Main content area

Local and landscape-scale heterogeneity shape spotted wing drosophila (Drosophila suzukii) activity and natural enemy abundance: Implications for trophic interactions

Schmidt, Jason M., Whitehouse, T. Seth, Green, Kirk, Krehenwinkel, Henrik, Schmidt-Jeffris, Rebecca, Sial, Ashfaq A.
Agriculture, ecosystems & environment 2019 v.272 pp. 86-94
DNA barcoding, Drosophila suzukii, bait traps, blueberries, canopy, diet, forests, habitats, landscapes, natural enemies, pests, predators, prediction, Southeastern United States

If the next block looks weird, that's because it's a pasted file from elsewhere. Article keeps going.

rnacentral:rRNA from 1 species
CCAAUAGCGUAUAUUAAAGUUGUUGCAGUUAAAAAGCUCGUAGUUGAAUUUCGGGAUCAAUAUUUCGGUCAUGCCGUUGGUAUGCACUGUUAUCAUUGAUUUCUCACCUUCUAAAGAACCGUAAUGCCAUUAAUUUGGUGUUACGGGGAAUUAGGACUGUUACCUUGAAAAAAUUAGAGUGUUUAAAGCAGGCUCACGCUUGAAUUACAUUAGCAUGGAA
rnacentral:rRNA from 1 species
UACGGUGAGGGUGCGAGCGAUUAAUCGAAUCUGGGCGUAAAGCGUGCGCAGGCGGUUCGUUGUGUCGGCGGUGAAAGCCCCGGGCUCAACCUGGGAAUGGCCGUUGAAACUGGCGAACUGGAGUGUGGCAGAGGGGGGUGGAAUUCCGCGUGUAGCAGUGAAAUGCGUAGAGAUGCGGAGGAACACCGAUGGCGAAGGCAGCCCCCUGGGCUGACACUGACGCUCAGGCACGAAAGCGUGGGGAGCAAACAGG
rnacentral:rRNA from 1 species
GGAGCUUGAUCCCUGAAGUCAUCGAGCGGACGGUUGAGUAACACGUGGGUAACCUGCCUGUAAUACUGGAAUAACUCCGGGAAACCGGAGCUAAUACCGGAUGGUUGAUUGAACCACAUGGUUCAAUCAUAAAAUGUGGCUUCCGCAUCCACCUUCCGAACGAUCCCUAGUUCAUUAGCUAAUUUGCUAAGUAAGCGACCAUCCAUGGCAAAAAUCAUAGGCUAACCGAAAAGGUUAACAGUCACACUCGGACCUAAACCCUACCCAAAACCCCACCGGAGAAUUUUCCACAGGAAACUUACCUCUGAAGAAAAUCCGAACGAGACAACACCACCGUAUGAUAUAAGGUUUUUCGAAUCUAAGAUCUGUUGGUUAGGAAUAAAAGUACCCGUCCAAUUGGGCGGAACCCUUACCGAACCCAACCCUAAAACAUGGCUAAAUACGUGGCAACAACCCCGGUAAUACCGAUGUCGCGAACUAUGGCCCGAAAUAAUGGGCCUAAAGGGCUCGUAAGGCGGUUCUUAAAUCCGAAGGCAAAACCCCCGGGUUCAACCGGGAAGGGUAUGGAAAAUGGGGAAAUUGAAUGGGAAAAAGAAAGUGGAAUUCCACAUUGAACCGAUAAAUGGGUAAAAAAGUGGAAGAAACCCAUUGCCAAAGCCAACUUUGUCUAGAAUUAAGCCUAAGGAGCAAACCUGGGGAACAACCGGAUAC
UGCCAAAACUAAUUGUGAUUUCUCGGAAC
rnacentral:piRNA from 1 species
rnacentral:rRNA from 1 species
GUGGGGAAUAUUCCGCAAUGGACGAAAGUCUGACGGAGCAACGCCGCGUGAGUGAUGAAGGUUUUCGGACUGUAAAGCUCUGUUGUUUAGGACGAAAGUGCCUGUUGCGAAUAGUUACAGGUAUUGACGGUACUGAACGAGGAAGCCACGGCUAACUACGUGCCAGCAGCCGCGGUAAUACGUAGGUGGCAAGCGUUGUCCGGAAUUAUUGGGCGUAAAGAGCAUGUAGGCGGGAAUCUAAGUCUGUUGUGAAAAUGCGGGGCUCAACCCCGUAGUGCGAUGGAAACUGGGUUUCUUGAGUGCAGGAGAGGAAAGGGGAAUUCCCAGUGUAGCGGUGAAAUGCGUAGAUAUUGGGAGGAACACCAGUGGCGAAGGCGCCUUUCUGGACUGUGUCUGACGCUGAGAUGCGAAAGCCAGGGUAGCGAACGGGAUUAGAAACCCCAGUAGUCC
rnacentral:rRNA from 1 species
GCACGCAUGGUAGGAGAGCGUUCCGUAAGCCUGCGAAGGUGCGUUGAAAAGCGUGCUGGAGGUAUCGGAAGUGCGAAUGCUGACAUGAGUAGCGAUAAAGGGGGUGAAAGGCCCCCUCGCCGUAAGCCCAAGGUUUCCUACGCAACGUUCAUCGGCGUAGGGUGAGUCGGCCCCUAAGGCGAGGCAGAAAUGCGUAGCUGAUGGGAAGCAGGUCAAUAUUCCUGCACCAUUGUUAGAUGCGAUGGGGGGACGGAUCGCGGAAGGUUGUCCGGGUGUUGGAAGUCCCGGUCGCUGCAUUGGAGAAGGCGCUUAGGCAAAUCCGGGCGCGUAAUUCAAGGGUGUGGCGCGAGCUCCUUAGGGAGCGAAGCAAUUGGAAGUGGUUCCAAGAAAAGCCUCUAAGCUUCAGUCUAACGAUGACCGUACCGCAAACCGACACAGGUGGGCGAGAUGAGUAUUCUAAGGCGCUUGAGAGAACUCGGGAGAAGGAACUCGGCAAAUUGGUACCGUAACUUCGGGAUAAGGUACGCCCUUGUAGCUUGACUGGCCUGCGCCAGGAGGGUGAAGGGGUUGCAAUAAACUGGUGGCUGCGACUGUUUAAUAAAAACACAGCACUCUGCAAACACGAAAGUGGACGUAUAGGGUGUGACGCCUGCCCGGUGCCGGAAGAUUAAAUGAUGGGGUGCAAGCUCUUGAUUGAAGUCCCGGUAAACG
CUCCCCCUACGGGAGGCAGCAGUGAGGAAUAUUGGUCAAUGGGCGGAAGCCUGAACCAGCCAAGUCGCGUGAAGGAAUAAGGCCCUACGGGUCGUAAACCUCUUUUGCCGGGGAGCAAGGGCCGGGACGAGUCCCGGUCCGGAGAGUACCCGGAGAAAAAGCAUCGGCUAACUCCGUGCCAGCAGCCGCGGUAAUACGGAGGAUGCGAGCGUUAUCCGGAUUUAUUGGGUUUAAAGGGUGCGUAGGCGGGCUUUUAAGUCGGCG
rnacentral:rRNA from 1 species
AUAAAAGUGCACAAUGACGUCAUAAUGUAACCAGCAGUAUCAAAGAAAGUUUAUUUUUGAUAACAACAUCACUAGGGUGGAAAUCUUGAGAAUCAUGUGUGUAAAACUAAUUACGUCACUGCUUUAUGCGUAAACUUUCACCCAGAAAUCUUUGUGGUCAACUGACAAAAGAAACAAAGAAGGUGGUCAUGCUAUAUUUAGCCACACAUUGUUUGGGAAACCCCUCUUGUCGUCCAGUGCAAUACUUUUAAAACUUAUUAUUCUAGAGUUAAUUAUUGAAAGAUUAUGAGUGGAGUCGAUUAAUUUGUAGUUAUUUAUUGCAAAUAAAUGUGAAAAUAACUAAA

Like natural enemies, invasive polyphagous pests may respond positively to local and landscape-scale diversity, making them more serious challenges to sustainable management than specialists. Yet the current view of landscape effects on pests rarely considers perennial systems or polyphagous pests. We investigated Drosophila suzukii (SWD) and natural enemy distributions and trophic interactions in blueberry systems of the southeast US in relation to local management and landscape structure. Fields were nested in 1-km landscapes along gradients of crop and forest heterogeneity (landscape compositional diversity) and field border and crop border lengths (landscape configurational diversity). Yeast-sugar bait traps were used to collect SWD and canopy suction sampling for natural enemies. Management practices at the local scale did not influence SWD abundance, but natural enemy abundance was higher in organic systems and fields with vegetation present between rows. Landscape configurational diversity and greater proportion of non-cropping habitat promoted higher SWD populations. Natural enemy communities were composed of highly generalized species, and contrary to our predictions, we observed lower abundances in landscapes with higher proportion of non-cropping area. Few predators were detected to have fed on SWD, and communities were dominated by predators with low specialization on prey in blueberry. Our results indicate that local and landscape features in blueberry landscapes have differential effects on a polyphagous pest and generalist natural enemies. Our initial analysis of predator diets, using a metabarcoding approach, suggests spatial structure in specialization on prey with high diversity of prey in predators collected in forested margins.